Allergic reactions can cause angiodema, which in turn can be life threatening if the airway occludes. My next patient was a 61 year-old man whose tongue had swollen suddenly as he sat on his train into London. He presented himself at a local walk-in centre when he arrived at his station and I was called to assess him. He was given adrenaline and piriton but it hadn’t changed anything and when I arrived his tongue still looked very, very fat, although he could still breathe normally. He tended to talk like a man who’d just come from the dentists after extensive root canal work, so I let him off with minimal questions.
The ambulance was delayed so I made an executive decision and took him to hospital myself on the hurry-up. He was stable but I had no idea how long that would last. I didn’t think I could afford the luxury of a potential ten or twenty minute wait.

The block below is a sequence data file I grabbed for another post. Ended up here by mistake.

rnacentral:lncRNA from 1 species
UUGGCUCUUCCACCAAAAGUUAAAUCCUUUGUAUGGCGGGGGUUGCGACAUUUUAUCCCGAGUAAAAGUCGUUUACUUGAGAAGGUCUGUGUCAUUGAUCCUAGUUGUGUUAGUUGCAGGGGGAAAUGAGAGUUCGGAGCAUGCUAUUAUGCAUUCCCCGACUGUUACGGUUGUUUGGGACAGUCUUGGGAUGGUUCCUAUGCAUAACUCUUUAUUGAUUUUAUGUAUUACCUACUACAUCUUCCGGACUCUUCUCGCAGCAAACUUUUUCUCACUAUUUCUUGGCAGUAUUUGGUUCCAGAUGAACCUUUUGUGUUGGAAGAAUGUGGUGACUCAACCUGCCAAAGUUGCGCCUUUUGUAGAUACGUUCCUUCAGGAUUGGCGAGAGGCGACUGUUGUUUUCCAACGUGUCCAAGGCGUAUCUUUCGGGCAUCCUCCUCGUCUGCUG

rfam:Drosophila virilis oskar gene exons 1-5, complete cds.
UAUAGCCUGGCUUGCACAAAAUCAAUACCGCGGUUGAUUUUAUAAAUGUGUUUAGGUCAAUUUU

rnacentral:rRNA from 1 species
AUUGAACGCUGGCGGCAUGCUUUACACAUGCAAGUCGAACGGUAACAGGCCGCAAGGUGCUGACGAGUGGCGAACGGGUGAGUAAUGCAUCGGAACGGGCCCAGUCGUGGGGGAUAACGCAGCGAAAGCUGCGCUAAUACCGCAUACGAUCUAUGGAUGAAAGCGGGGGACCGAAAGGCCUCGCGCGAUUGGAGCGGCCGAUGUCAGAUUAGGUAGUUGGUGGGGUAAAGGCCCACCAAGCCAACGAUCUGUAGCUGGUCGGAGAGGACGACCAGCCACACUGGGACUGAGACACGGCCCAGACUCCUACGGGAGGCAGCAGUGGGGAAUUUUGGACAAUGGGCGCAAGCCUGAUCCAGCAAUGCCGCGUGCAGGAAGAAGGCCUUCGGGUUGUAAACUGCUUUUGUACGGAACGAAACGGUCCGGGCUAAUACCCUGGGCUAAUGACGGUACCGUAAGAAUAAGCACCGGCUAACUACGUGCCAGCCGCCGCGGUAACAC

When I got him to A&E we discovered that, although he had no allergies and hadn’t eaten anything to cause this, he’d recently changed his prescription antibiotics. That would be the answer then I guess.
A motorcyclist was thrown from his bike when a car collided with him at around 25mph. The car shunted into the back of him because the driver was distracted and looking elsewhere at the time. The knock caused the biker to veer off towards the pavement as he tried to control his machine but it clipped the kerb and he was ejected into a post before landing ten feet from it. I arrived to find a MRU colleague on scene and attending to him. Someone had taken his crash helmet off, despite the protestations of other MOPs and then proceeded to move him into the recovery position, even though he was conscious and alert. This is not to be done as it simply increases the risk to the patient. Leave it to us unless there is a clear risk to life if it isn’t done.